The 75-year-old Provo man who was killed in an FBI raid ahead of President Joe Biden’s visit to Utah last week had previously threatened police and others with a gun, according to Provo police records obtained Tuesday by The Salt Lake Tribune.
Craig Deleeuw Robertson allegedly pointed a gun at two Google Fiber workers who needed to access a utility pole in his backyard in 2018, Provo police records show. Officers investigated but Robertson was not arrested or charged.
The Tribune on Monday requested all Provo police reports and prior calls for service related to Robertson, and received the single 2018 report on Tuesday afternoon.
Robertson was shot and killed by federal agents at around 6:15 a.m. on Aug. 9 after he allegedly pointed a gun at them as they tried to arrest him, according to an FBI statement released Monday. He was facing federal charges for allegedly threatening the president, threatening New York County District Attorney Alvin Bragg and retaliating against federal law enforcement.
Robertson had posted numerous threats on social media, a criminal complaint states, including a post on Aug. 7 that said, “I HEAR BIDEN IS COMING TO UTAH. DIGGING OUT MY OLD GHILLE SUIT AND CLEANING THE DUST OFF THE M24 SNIPER RIFLE. WELCOME, BUFFOON-IN-CHIEF!”
His family said in a statement last week that Robertson was a “kind and generous person” who was “understandably frustrated and distraught by the present and on-going erosions to our constitutionally protected freedoms and the rights of free citizens wrought by what he, and many others in this nation, observed to be a corrupt and overreaching government.”
The Provo police report released Tuesday states that on Aug. 20, 2018, the two Google Fiber workers arrived at Robertson’s home, near 400 North and 1220 West, to connect a neighbor’s internet. They knocked on his door, but went to his backyard when Robertson didn’t answer.
Robertson soon exited his backdoor, allegedly waving a handgun, and yelled for the workers to get off his property, according to the report. One of the workers later told Provo police that Robertson pointed the gun at them as he brandished it.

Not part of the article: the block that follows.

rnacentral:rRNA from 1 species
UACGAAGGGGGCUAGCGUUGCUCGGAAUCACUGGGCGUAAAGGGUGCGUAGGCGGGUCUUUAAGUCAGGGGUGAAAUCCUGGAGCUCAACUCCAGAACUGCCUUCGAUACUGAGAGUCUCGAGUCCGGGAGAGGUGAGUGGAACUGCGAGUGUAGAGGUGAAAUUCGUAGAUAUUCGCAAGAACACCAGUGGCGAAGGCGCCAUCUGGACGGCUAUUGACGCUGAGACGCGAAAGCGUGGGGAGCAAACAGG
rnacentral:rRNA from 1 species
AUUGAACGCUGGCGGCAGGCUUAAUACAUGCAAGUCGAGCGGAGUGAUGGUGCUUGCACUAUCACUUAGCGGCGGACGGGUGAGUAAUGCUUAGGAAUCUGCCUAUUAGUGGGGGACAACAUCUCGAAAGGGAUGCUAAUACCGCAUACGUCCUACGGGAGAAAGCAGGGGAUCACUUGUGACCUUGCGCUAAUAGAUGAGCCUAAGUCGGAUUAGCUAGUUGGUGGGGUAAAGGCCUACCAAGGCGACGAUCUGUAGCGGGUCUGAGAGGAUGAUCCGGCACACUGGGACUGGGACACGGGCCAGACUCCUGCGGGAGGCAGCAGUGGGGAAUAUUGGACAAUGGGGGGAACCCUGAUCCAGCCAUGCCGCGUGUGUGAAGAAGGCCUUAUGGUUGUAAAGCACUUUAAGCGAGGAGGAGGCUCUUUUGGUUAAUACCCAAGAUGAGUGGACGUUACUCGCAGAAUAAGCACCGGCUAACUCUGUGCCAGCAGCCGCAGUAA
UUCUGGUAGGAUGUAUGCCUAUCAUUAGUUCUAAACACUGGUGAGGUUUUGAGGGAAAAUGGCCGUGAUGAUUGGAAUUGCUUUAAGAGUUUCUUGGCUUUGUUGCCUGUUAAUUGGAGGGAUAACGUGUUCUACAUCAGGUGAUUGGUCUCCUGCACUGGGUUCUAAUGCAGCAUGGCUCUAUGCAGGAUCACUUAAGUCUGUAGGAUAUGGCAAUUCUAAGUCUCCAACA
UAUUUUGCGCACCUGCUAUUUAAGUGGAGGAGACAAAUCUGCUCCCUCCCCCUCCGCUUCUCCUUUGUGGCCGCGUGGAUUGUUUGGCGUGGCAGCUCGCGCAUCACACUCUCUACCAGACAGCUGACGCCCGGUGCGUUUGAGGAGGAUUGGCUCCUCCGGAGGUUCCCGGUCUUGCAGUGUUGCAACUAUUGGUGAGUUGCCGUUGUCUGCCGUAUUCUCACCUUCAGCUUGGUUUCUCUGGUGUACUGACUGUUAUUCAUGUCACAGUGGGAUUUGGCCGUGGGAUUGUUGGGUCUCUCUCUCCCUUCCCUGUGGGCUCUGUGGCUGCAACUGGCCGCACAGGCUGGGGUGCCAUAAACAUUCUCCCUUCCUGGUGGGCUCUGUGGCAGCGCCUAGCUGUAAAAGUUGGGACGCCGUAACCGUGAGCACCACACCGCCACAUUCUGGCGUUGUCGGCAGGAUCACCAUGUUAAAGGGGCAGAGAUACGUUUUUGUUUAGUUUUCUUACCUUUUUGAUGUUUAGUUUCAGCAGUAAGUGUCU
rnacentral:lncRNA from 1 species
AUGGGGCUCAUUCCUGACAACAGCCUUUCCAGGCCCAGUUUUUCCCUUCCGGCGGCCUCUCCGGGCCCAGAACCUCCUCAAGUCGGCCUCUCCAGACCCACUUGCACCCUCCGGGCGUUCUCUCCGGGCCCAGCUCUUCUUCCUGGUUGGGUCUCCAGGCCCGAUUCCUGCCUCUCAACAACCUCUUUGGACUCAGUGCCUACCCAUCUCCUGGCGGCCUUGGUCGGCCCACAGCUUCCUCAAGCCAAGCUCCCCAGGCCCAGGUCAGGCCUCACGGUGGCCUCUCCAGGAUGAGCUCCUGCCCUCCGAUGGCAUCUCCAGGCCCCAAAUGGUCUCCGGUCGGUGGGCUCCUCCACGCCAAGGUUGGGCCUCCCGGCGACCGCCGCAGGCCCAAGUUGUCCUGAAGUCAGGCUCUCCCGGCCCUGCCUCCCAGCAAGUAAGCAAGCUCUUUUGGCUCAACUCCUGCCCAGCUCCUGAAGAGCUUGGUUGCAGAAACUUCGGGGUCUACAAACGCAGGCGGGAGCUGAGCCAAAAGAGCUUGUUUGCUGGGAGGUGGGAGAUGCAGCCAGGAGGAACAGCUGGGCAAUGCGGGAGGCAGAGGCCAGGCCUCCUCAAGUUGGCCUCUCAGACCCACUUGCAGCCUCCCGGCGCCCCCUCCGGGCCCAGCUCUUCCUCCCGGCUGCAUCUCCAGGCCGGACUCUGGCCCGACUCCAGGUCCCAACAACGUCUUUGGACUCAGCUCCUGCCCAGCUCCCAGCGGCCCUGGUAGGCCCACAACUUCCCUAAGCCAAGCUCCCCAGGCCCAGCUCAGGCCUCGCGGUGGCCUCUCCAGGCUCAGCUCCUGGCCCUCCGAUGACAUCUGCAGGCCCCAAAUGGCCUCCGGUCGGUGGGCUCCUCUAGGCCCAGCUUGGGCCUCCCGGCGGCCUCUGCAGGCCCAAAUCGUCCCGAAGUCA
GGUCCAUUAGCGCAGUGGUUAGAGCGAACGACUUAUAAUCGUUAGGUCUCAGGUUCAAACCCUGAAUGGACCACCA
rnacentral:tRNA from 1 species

The men called police, and a Provo officer rang Robertson’s doorbell when he arrived. Robertson answered the door holding an AR-15 rifle, “which triggered a bit of a stand off,” according to the police report.
The officer told Robertson to put down the gun, and Robertson initially refused. Eventually, the officer said, Robertson calmed down and put the rifle away.
Robertson told the officer that he didn’t answer the door when the workers knocked because he was doing laundry and wasn’t dressed, the report states. He went upstairs to put on clothes, where he heard them enter his backyard and “was angry that the workers had left the gate open, which could lead to his dog getting out,” the police report states.
Robertson mentioned he didn’t see a company logo on their van (the report notes there wasn’t one), and he thought the men were trespassing, the report states. Robertson said he didn’t point or wave the gun around.
Instead, Robertson said that “while he had his firearm in view he was holding it against his body, muzzle down in a ready position,” the report states, “and did not wave it around or threaten the males with it.”
The officer spoke with a sergeant “regarding what I had been told by both parties,” and noted in the report “my belief that no actual crime had occurred and that [Robertson] had been exercising his 2nd Amendment rights, albeit a little recklessly.”
Provo police contacted the Utah County attorney’s office for another opinion, and prosecutors agreed with the officer, the report states.
The report adds that prosecutors said Robertson “may not have exercised good judgment but was acting within his Constitutional Rights.”
The officer stayed at Robertson’s home until the workers were done, then left the scene. The report mentioned police added a “names alert” in their system to flag calls involving Robertson.
Hours after the fatal FBI shooting, Provo police reported that they were told Aug. 8 that FBI agents intended to serve a federal arrest warrant in the city on Aug. 9. Provo officers did not assist in the serving of the warrant, but police said that after the shooting, the agency was “supporting the FBI while they conduct a continuing investigation.”
The shooting marked the 14th law enforcement shooting in Utah this year, according to a database maintained by The Tribune.